The term “statutory employer” does not appear in the Alabama Workers’ Compensation Act. Alabama’s courts, likewise, have not used the term “statutory employer” except in reference to the immunity provided by the Alabama Workers’ Compensation Act
Employees or workers are defined by statute Ala. Code § 25-5-1(5) provides that employee or worker shall “include every person in the service of another under any contract of hire, express or implied, oral or written, including aliens and also including minors who are legally permitted to work under the laws of this state…”
“When a general employer lends an employee to a special employer, the special employer becomes liable for workmen's compensation only if '(a) the employee has made a contract of hire, express or implied, with the special employer; (b) the work being done is essentially that of the special employer; and (c) the special employer has the right to control the details of the work. When all three of the above conditions are satisfied in relation to both employers, both employers are liable for workmen's compensation.'“ Pinson v. Ala. Power Co., 557 So. 2d 1236, 1237 (Ala. 1990)
As a general rule, independent contractors are not covered under the Alabama Workers’ Compensation Act. However, the test in determining whether an individual is an independent contractor or employee is the “right of control” test.
When determining whether an employer-employee relationship exists, the courts will look to whether the purported employer has reserved the right to control the manner in which the worker performs the duties of the work. Atchison v. Boone Newspapers, Inc., 981 So. 2d 427, 431 (Ala. Civ. App. 2007). Susan Schein Chrysler Dodge, Inc. v. Rushing, 77 So. 3d 1203, 1208 (Ala. Civ. App. 2011)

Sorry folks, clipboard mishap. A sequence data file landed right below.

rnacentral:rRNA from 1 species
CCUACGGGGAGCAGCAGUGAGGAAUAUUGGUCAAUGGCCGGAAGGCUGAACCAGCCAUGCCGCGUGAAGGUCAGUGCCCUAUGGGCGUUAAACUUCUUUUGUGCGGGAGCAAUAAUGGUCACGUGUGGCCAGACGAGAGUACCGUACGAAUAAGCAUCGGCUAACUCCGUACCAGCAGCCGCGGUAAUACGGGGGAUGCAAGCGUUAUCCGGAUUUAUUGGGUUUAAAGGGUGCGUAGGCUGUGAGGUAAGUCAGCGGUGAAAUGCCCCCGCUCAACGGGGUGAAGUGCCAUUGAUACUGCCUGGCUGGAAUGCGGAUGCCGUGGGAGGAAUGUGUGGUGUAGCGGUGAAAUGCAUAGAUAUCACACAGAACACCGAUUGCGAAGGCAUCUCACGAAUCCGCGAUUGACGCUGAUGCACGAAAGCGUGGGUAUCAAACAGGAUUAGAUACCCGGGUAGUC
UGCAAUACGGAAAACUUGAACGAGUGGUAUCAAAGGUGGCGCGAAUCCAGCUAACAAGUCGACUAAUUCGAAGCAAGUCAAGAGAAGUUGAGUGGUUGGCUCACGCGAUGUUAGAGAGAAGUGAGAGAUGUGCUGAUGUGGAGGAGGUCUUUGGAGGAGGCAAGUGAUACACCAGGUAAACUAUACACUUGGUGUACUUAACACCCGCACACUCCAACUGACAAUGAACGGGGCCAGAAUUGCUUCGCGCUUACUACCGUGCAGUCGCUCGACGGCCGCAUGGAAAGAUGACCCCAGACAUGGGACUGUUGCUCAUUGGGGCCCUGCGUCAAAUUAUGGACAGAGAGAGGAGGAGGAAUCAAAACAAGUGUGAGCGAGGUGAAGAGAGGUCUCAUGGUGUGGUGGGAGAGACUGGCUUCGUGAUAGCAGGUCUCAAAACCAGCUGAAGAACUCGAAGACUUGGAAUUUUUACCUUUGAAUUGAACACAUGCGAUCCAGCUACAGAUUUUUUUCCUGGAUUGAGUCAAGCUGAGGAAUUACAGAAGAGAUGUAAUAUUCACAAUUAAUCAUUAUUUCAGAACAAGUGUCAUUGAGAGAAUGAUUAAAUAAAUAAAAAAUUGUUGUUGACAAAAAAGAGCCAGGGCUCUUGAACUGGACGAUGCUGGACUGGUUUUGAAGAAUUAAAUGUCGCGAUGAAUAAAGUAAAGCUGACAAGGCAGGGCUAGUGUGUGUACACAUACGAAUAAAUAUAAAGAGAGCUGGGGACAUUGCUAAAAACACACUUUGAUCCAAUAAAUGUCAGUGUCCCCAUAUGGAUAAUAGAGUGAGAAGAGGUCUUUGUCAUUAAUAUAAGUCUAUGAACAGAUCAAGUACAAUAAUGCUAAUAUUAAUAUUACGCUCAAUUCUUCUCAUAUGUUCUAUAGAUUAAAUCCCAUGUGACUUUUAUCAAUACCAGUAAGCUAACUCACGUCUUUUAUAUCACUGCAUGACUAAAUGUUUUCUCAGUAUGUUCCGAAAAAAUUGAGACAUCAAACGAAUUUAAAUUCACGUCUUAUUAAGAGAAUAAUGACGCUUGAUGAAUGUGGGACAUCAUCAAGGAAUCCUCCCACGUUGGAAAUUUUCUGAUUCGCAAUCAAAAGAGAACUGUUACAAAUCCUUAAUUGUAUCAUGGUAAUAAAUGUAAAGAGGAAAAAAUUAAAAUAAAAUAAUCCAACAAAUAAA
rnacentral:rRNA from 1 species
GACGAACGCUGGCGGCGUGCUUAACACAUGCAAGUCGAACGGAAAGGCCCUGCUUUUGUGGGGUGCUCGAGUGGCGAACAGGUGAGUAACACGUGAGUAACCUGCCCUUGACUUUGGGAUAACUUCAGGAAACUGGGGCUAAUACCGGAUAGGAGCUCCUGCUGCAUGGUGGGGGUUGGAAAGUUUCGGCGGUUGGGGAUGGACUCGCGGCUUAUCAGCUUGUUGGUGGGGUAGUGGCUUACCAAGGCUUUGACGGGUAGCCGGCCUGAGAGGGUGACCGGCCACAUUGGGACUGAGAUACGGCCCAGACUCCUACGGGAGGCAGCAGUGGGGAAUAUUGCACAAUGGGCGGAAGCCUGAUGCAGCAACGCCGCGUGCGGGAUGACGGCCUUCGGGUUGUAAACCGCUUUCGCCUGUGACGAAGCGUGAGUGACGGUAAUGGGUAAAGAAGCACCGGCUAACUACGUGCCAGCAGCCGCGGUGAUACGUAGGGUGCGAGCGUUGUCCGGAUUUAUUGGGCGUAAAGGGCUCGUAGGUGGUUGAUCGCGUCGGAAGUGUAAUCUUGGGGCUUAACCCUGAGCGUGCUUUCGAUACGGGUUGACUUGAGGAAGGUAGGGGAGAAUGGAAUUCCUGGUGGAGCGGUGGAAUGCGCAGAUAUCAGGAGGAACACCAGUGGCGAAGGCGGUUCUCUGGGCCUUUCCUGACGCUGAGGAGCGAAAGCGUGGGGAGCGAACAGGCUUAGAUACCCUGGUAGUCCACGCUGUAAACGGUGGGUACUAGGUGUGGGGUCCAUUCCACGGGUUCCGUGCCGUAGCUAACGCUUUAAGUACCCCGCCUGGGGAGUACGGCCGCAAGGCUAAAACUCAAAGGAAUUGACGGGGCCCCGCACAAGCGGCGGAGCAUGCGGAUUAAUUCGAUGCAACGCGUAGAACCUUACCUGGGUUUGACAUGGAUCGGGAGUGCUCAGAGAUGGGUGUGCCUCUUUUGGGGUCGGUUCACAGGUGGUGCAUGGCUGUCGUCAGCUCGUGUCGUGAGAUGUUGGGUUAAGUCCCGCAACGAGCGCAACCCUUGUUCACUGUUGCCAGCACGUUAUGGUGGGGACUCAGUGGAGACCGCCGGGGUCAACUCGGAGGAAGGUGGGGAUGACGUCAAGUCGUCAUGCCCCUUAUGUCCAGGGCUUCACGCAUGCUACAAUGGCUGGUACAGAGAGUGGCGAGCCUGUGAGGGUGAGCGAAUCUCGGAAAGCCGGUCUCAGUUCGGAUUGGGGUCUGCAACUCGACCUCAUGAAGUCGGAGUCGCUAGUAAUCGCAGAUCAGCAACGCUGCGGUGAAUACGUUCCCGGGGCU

The factors to be considered in determining whether an individual or an entity has retained the right of control include: (1) direct evidence demonstrating a right or an exercise of control; (2) the method of payment for services; (3) whether equipment is furnished; and (4) whether the other party has the right to terminate the employment. See Ex parte Curry, 607 So. 2d 230 (Ala. 1992)." Susan Schein Chrysler Dodge, Inc. v. Rushing, 77 So. 3d 1203, 1208 (Ala. Civ. App. 2011)
The Alabama Workers’ Compensation Act does not normally apply to Employers of (1) domestic employees, (2) farm labor, (3) casual employees, (4) employers of less than five employees in any one business, or (4) municipalities having a population of less than 2,000. Ala. Code§ 25-5-50
The Alabama Workers’ Compensation Act is the exclusive remedy available to employees who sustain work-related injuries, illnesses, or diseases. Ala. Code§ 25-5-52 and 53 set forth the immunity provision for accidents and Ala. Code § 25-5-113 and 114 set forth the immunity provision of occupational diseases.